Student-athletes have been identified as a distinctive sub-population in universities and colleges that face unique stressors and pressures that may put them at risk for developing mental health problems, including depression, when compared to student non-athletes. However, student-athletes have been found to seek help from mental health professionals less often than student non-athletes. Studies of college students in the general population have shown that social support networks can play an important part in “buffering” or moderating the effect of stress on both depression and help-seeking, which may also be the case for student-athletes. The purpose of the current study is to examine what stress factors predict attitudes toward help-seeking, and to test the role of social support as a moderator of the relationship between stress and depression, and attitudes toward help-seeking in college student athletes. The sample included 134 undergraduate college student-athletes and 2 graduate college student-athletes from several U.S. colleges, sports, and athletic divisions, with a mean age of 19.53 years old (SD = 1.3), 77.9% of participants being female, and 77.2% being. Participants completed an online survey regarding their experiences of stress, depression, perceived social support, and attitudes toward help-seeking. We use hierarchical linear regression analyses to examine perceived social support as a moderator of the relationship between stress and attitudes toward help-seeking, between depression and attitudes toward help-seeking, and between stress and depression. An additional regression analysis was used to examine the relationship between several areas of stress experienced by student-athletes and their attitudes toward help-seeking. Results showed that social support did not have a moderating effect on the relationships among stress, depression, and attitudes toward help-seeking. However, increased stress was associated with increased depression, and both stress and depression were negatively associated with attitudes toward help-seeking. These results suggest a reluctance to seek help among college student-athletes despite the experience of stress and depression. Possible negative influences that may impact student-athletes’ decision to seek help may include time pressures and stigma in the athletic culture.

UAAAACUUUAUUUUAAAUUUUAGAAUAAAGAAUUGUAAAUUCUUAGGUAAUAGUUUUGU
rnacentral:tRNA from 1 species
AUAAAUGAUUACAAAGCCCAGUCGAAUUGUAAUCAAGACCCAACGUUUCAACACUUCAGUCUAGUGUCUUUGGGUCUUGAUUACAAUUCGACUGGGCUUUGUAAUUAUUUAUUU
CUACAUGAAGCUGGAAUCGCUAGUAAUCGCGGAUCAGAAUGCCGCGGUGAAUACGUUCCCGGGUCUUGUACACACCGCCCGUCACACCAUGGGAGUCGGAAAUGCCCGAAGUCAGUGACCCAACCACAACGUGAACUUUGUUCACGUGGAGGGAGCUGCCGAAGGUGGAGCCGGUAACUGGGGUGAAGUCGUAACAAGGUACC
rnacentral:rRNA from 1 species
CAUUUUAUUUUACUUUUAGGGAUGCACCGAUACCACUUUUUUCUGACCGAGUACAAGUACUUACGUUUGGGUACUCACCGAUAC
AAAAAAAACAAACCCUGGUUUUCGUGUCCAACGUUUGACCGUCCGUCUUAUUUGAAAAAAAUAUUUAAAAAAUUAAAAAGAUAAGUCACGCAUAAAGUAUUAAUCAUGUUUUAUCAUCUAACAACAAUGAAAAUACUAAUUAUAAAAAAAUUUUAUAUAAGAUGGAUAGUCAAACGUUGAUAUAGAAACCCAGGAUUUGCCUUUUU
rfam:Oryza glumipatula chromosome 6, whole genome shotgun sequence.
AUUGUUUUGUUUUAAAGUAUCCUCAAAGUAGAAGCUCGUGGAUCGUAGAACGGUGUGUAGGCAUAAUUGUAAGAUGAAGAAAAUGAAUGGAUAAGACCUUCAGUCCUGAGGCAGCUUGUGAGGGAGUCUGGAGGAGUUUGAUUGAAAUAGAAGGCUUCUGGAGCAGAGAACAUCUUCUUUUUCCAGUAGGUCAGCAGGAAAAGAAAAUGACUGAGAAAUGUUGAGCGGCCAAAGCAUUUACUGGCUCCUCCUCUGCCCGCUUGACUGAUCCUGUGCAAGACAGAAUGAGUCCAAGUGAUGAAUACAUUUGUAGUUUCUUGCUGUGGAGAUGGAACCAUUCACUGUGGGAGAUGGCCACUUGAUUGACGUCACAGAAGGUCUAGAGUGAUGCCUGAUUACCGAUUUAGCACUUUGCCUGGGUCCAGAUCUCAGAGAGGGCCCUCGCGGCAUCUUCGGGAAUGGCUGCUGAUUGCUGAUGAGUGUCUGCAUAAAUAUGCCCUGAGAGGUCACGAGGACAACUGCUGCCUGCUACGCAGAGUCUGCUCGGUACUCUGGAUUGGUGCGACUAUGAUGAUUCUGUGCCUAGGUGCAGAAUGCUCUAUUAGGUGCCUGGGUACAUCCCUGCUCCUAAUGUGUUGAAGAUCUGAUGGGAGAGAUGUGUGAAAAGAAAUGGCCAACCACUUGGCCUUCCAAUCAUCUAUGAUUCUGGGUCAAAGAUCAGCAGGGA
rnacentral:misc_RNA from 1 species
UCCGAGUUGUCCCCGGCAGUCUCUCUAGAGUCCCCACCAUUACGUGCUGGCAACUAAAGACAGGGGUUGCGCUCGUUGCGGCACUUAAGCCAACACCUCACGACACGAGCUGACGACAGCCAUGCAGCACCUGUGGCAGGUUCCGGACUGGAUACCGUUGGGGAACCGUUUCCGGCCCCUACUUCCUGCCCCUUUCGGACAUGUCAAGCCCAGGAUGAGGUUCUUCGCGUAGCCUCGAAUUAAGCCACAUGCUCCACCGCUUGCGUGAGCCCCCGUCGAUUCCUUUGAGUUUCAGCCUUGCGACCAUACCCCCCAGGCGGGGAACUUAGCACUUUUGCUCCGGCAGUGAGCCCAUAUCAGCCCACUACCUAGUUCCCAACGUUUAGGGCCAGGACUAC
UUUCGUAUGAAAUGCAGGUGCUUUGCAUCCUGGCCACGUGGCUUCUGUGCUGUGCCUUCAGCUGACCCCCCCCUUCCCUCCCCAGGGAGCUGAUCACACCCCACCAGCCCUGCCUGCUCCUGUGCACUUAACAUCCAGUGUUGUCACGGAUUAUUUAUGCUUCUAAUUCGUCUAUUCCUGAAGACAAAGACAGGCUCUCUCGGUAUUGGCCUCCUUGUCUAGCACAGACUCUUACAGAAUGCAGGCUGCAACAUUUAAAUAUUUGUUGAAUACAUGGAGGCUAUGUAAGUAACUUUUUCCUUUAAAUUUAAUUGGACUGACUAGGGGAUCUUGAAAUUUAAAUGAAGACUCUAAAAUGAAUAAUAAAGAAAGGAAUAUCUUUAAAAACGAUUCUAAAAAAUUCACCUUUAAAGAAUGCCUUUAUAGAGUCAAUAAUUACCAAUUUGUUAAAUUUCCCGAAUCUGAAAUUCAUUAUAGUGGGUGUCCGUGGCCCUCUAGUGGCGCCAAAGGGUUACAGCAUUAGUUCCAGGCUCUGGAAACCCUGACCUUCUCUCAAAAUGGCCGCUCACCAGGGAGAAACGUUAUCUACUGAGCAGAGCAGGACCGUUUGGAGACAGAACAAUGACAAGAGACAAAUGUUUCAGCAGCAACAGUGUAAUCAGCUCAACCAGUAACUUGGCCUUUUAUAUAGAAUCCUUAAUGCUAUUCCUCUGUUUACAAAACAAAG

LLU Discipline

Clinical Psychology




School of Behavioral Health

First Advisor

Boyd, Kendal C.

Second Advisor

Morrell, Holly E. R.

Third Advisor

Vermeersch, David A.

Fourth Advisor

Young, T. Lorraine

Degree Name

Doctor of Philosophy (PhD)

Degree Level


Year Degree Awarded


Date (Title Page)




Library of Congress/MESH Subject Headings

Sports - Psychology; Depression; Stress; Health Behavior; Social Support

Subject - Local

Student athletes; Help-Seeking attitudes; Athletic culture; Stigmas; Hierarchical Linear Regression Analyses



Page Count


Digital Format


Digital Publisher

Loma Linda University Libraries

Usage Rights

This title appears here courtesy of the author, who has granted Loma Linda University a limited, non-exclusive right to make this publication available to the public. The author retains all other copyrights.


Loma Linda University Electronic Theses and Dissertations

Collection Website



Loma Linda University. Del E. Webb Memorial Library. University Archives